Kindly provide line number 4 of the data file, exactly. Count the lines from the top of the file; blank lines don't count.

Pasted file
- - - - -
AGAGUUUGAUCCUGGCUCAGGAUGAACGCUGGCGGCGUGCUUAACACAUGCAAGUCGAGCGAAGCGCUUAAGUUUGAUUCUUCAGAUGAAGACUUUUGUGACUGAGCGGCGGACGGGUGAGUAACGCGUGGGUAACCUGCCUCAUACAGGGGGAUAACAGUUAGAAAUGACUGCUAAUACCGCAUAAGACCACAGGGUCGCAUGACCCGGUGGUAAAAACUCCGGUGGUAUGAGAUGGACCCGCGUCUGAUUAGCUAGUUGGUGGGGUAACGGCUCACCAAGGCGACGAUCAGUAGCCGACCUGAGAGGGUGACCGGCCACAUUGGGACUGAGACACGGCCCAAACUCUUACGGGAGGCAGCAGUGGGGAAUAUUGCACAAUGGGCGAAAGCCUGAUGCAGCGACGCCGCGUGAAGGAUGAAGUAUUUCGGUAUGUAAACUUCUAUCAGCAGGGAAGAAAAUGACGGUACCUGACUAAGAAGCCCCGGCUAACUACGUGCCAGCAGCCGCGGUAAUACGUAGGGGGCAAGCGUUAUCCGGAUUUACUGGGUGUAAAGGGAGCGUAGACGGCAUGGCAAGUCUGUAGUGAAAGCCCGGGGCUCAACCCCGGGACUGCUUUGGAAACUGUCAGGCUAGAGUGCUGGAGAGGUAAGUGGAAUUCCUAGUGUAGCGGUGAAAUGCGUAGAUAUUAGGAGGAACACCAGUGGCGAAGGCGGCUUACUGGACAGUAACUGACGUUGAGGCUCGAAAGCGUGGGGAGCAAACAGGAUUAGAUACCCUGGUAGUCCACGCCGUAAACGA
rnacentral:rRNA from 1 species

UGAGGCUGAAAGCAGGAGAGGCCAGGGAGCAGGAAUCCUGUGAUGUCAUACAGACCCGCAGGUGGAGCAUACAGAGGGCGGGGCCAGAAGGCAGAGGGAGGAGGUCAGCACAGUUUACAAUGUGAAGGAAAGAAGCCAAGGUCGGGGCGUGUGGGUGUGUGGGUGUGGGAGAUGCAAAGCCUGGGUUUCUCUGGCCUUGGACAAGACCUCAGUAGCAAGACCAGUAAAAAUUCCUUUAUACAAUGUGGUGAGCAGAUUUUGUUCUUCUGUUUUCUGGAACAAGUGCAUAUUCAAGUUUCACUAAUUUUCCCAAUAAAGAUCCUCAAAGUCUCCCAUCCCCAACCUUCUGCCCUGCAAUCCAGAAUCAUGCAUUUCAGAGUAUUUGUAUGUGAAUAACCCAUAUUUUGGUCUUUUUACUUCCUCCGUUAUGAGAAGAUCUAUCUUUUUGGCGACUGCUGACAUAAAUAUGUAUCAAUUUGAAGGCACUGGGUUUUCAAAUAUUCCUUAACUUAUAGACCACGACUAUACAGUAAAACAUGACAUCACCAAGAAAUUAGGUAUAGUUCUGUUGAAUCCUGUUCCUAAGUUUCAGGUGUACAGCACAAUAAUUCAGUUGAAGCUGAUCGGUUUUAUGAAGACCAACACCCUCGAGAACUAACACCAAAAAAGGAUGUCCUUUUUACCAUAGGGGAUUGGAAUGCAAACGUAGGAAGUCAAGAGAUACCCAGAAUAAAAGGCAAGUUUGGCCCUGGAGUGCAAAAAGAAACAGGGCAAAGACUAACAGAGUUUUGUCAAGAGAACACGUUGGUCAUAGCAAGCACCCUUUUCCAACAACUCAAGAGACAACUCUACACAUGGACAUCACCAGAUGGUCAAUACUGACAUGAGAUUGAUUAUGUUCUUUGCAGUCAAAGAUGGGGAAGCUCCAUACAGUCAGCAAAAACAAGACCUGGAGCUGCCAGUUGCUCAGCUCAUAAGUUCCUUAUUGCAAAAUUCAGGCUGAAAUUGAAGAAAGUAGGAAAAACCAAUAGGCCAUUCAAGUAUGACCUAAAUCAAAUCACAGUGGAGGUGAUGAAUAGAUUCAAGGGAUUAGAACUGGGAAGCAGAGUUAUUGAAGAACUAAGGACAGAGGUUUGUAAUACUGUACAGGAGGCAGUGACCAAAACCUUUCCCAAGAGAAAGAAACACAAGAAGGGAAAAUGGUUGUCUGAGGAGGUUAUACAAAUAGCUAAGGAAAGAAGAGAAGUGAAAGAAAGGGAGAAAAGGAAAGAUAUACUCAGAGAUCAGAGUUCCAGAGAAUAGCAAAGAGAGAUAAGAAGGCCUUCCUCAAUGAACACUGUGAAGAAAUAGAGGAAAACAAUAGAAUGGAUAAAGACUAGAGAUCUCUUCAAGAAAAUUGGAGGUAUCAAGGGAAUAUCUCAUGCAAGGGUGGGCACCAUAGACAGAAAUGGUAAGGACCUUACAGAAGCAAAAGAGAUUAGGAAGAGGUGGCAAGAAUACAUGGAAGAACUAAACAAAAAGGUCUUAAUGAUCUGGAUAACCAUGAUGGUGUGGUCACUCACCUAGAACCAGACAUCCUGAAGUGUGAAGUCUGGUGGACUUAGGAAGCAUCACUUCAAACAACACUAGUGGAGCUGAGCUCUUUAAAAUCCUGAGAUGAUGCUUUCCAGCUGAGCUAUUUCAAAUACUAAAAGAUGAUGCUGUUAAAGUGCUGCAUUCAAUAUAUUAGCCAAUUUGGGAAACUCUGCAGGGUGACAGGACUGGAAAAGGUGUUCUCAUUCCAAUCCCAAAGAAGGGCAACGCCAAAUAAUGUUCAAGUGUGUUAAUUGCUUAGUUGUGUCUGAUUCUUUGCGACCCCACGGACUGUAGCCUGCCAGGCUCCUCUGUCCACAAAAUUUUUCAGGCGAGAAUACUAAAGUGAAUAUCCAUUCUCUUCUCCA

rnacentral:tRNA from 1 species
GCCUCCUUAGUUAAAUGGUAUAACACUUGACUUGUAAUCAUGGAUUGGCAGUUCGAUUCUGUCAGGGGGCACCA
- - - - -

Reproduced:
rnacentral:tRNA from 1 species